Aspens in Santa Fe National Forest. Sarah Baldwin/For The New Mexican
When we bought our house in Casa Solana 16 years ago, I inherited an expansive yard and someone’s fantasy of a Western garden. Aspens and roses were scattered among boulders surrounding a small pond. It was winter, and I was not yet a gardener.
In the spring, I realized the aspens were largely fried, having been placed against south- and west-facing cinderblock walls, and the plastic-lined pond was leaking into the dry, sandy soil. Other trees and shrubs whose names I did not know were among the casualties of drought. A couple of the aspens, in more protected areas of the yard, survived. I’ve nursed them along over the years; recently one has all but died and the other is afflicted with various ailments. I treasure it and will mourn it when it goes.
But it’s time to rethink our relationship with this beautiful, iconic tree. Ongoing drought and higher temperatures have created new stresses for an already stress-prone species, and even in their native habitats many are suffering.
Let’s start by acknowledging that they are not lone trees that happen to show up in large groups. A stand of aspens represents a single organism, with each tree genetically identical to the others, having sprouted from the same widespread root system. For this reason, an aspen grove is called a clone. The largest clones are wild, ancient, massive beings, whose spindly, short-lived trunks encompass a fraction of their life force, most of which is underground. The oldest known clone, named Pando, spreads across 107 acres in Utah’s Fishlake National Forest and is estimated to have lived for more than 80,000 years. Like many other clones throughout the West, it is now in danger of dying.
Why would this be? Aspens are aggressive pioneers of disturbed sites and are adaptive to diverse conditions. According to the National Forest Foundation, quaking aspen (Populus tremuloides) is the most widespread tree in North America. Usually found at elevations from 5,000 to 12,000 feet on sandy or gravelly slopes, it likes abundant sunshine (even its trunks can photosynthesize) and moisture, though it can survive dryer conditions.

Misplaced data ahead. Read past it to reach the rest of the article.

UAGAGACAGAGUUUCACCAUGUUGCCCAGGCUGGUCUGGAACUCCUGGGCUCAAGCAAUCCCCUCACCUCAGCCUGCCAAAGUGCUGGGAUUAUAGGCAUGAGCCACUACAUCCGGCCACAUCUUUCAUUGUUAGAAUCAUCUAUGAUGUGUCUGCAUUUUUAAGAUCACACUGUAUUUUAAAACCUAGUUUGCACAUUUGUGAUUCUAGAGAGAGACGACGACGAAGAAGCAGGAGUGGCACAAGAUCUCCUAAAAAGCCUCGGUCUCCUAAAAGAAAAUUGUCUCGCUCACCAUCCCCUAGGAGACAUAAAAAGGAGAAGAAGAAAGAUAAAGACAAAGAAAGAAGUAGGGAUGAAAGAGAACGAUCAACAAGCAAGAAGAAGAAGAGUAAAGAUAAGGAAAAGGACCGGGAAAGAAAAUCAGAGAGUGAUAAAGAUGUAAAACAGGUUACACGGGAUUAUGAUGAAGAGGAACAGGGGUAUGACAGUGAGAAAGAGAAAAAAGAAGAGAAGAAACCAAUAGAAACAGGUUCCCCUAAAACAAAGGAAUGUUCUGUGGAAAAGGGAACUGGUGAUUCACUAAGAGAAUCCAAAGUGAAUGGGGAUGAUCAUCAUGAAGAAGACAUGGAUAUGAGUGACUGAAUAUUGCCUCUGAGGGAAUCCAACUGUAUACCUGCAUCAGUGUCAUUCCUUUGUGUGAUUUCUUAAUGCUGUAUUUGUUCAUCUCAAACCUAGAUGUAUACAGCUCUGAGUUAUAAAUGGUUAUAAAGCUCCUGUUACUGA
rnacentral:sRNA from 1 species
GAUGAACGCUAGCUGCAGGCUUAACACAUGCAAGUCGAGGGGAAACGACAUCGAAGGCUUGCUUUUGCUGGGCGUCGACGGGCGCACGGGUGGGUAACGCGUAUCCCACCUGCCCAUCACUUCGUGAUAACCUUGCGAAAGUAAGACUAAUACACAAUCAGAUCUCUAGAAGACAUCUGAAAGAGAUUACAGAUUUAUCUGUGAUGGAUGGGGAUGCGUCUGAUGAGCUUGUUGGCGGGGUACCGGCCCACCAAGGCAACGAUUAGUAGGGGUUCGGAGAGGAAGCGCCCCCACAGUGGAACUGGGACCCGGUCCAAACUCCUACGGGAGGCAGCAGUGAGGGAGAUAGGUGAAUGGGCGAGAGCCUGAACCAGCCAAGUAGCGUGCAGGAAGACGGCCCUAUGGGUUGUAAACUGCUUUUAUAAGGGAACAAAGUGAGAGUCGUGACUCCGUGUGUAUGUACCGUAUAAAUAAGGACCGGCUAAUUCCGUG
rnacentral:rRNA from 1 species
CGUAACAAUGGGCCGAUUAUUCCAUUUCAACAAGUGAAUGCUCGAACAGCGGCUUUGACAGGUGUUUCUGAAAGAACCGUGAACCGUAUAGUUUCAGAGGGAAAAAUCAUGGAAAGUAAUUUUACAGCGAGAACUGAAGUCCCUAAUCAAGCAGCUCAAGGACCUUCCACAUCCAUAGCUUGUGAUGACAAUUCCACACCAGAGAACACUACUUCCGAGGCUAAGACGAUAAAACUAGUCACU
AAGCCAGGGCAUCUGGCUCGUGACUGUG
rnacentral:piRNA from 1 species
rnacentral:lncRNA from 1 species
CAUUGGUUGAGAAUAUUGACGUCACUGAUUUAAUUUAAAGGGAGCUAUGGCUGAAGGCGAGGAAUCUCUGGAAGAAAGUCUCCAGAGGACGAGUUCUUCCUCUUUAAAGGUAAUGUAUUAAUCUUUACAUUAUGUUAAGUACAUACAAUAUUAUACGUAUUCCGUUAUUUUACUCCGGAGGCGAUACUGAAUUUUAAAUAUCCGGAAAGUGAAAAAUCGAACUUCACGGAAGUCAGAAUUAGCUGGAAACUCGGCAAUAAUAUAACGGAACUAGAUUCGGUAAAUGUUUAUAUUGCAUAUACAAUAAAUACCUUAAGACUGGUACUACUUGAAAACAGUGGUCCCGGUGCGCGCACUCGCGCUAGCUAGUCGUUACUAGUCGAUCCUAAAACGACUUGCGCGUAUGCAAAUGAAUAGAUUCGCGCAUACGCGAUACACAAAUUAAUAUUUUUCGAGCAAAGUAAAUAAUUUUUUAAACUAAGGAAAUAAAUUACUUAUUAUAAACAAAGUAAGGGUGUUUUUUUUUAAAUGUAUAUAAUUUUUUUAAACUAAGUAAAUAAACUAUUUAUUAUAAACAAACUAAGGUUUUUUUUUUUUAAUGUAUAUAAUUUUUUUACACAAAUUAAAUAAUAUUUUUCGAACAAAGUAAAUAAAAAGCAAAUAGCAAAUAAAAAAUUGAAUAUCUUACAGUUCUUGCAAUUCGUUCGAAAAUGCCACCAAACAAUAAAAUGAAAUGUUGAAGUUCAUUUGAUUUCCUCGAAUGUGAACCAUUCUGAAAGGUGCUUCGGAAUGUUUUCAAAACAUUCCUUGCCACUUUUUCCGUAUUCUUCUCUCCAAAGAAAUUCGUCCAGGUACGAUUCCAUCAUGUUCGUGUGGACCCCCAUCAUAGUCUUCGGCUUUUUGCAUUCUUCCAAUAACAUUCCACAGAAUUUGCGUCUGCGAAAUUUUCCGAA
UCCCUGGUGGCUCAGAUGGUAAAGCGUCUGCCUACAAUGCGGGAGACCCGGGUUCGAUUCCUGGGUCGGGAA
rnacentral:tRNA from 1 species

Except for the preference for moisture, you would think these tendencies would make them well suited to our time and place. Yet we have an apt new name for the extremely fast die-off that is happening in various parts of the West: Sudden Aspen Decline, or SAD. Local experts I spoke with say Santa Fe’s aspens have been in decline since the mid-1990s, and especially in the last 15 years.
Aspens are natural hosts to many pests and pathogens, but according to arborist Tracy Neal, the poplar twig gall fly (Hexomyza schineri) population has exploded since the drought of 2000-03. This pest is difficult to control and spreads easily to nearby aspens.
Even those on the campus of St. John’s College, in a higher and cooler setting than much of Santa Fe, have been exhibiting symptoms of black spot (the Marssonina fungus), among other problems. Mysteriously, says Jeff Clark, horticulturist and head of landscaping for the college, lab tests for pathogens have been coming back negative. He said that more water does not make a noticeable difference. The aspens planted in a lawn and getting more irrigation are just as stressed as those in drier locations.
Santa Fe County Extension Agent Tom Dominguez reports he gets repeated calls about ailing aspens and now strongly recommends against planting them in town. He notes that even at higher elevations they are at risk.
Like other experts, Bob Pennington of Agua Fría Nursery believes the underlying culprit is climate change. Santa Fe’s aspens are adapted to a relatively short and predictable growing season. Warmer temperatures have stretched this growing season by many weeks. Additionally, the winter snowpack that keeps them happy and healthy is, if not a thing of the past, at least highly unreliable.
As long as the demand is there, Agua Fría and other nurseries will continue to sell aspens. But in my yard I’ve been planting trees and shrubs acclimated to hotter and drier times. Depending on the location, plausible alternatives include New Mexico olive, Gambel oak, bigtooth maple, serviceberry and curl-leaf mountain mahogany. Talk to staff at local nurseries about what might work best for your situation.
Sarah Baldwin is a freelance editor and writer. She recently completed the Santa Fe Native Plant Project (SNaPP) training offered by the Santa Fe Master Gardener Association.